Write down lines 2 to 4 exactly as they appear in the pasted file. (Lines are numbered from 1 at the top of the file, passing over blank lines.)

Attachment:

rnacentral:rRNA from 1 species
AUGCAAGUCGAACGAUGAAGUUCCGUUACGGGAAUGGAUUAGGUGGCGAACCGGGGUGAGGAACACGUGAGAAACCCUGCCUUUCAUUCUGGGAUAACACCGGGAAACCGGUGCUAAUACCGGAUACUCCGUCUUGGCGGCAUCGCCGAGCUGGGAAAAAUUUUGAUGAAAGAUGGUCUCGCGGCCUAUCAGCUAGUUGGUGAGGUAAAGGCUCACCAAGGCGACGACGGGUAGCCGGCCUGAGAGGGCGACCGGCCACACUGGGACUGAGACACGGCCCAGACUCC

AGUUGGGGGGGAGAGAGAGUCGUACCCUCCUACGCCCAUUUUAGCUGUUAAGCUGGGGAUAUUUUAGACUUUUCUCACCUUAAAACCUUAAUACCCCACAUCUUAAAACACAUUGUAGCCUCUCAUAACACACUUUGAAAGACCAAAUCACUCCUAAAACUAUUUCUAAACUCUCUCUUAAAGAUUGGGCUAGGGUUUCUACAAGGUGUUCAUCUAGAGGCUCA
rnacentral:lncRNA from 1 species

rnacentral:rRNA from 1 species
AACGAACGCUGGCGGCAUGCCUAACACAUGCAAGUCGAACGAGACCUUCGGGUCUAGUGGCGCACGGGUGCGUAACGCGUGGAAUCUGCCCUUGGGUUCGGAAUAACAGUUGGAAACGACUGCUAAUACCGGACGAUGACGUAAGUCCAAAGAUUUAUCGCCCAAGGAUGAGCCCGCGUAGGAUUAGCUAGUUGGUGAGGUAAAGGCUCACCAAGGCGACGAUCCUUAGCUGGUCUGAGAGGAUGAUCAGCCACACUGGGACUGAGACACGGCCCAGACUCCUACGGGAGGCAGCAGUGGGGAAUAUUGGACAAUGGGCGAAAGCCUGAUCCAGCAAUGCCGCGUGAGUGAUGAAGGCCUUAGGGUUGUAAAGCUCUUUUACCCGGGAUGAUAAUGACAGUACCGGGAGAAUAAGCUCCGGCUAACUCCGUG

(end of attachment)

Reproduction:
AUGCAAGUCGAACGAUGAAGUUCCGUUACGGGAAUGGAUUAGGUGGCGAACCGGGGUGAGGAACACGUGAGAAACCCUGCCUUUCAUUCUGGGAUAACACCGGGAAACCGGUGCUAAUACCGGAUACUCCGUCUUGGCGGCAUCGCCGAGCUGGGAAAAAUUUUGAUGAAAGAUGGUCUCGCGGCCUAUCAGCUAGUUGGUGAGGUAAAGGCUCACCAAGGCGACGACGGGUAGCCGGCCUGAGAGGGCGACCGGCCACACUGGGACUGAGACACGGCCCAGACUCC

AGUUGGGGGGGAGAGAGAGUCGUACCCUCCUACGCCCAUUUUAGCUGUUAAGCUGGGGAUAUUUUAGACUUUUCUCACCUUAAAACCUUAAUACCCCACAUCUUAAAACACAUUGUAGCCUCUCAUAACACACUUUGAAAGACCAAAUCACUCCUAAAACUAUUUCUAAACUCUCUCUUAAAGAUUGGGCUAGGGUUUCUACAAGGUGUUCAUCUAGAGGCUCA
rnacentral:lncRNA from 1 species